Solution: Markets are conversations. Dialogue is key! And 140 character tweets don’t count. Real dialogue with real customers (via whatever channel is best for them).
Nathan Furr and Paul Ahlstrom, co-authors of the book ‘Nail It, Then Scale It’, said it best: “Which would you rather do — talk to customers now and find out you were wrong or talk to customers a year later and thousands of dollars down the road and still find out you were wrong?”
Reason #3: No real differentiation in the market (read: lack of unique value propositions)
In 2013 Entrepreneur.com published a story entitled “Why Everyone Will Have To Become An Entrepreneur”. If this holds true (and I believe it does), instead of your competition being 1,000 other Tom, Dick and Mary’s, it will soon be 50,000. Meaning? Plenty of noise and chaos for those without uniqueness fighting for the bottom scraps. Most times this is a slow killer of any business. Barely hanging on, entrepreneurs with some customers and some revenue skimp along for months or even years. Every painful inch wondering to themselves if this is all there really is.
Solution: This is a critical element which MUST be addressed. Entrepreneurs who take this lightly end up in trouble. Grab a tool like Alex Osterwalder’s ‘Value Proposition Canvas’, stick it on your wall and work it. Dig in. Figure out the true value you bring to the table which is unique and different than others in the marketplace.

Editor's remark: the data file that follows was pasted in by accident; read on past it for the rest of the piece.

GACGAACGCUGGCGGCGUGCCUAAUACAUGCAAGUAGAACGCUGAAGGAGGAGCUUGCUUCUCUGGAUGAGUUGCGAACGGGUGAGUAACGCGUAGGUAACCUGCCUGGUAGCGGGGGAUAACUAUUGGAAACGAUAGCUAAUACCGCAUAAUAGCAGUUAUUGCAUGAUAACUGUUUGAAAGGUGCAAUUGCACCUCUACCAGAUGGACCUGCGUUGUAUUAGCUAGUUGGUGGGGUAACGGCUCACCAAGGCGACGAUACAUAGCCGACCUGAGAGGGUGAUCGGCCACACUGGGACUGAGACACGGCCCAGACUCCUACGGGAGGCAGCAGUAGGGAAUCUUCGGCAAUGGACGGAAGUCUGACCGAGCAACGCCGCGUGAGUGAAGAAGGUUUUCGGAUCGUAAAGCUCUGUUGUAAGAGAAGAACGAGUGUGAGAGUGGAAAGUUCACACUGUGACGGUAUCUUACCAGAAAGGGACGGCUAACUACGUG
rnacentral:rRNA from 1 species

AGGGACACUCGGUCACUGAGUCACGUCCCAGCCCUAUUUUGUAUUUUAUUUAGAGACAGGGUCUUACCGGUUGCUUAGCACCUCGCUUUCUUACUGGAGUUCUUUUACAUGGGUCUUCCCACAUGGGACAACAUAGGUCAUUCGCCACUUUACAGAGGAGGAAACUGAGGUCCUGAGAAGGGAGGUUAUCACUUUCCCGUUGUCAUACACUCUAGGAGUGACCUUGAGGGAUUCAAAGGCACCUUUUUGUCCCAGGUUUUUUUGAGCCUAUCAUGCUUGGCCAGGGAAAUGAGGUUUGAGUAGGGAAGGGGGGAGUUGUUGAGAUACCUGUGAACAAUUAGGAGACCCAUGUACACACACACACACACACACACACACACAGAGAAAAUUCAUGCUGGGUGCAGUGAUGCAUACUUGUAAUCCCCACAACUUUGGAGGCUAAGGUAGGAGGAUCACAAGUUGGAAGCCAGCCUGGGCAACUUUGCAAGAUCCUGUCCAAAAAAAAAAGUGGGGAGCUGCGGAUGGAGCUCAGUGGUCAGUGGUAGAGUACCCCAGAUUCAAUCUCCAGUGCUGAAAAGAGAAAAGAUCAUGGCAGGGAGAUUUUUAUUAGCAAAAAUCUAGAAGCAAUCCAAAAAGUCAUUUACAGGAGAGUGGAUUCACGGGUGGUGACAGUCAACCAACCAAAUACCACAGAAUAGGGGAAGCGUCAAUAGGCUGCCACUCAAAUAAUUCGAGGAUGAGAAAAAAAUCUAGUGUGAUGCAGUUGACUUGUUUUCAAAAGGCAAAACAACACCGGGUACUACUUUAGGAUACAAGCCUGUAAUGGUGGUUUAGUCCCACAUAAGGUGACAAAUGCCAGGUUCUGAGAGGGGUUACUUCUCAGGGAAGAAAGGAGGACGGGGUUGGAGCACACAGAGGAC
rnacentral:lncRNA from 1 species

For example, in our organization, you’ll immediately notice we’re different. We’re hands on with our clients, working to ensure they’re successful. Our approach is not for everyone, and we’re very choosey as to who we work with. In one sense we invest in our clients, so like any potential investment, we look for the right ones. Our approach is unique. It sets us apart from other consultants, and organizations. It’s one of our UVPs.
Solution: Now go uncover yours. We can help you do this if you need our help.
Reason #4: Failure to communicate value propositions in clear, concise and compelling fashion.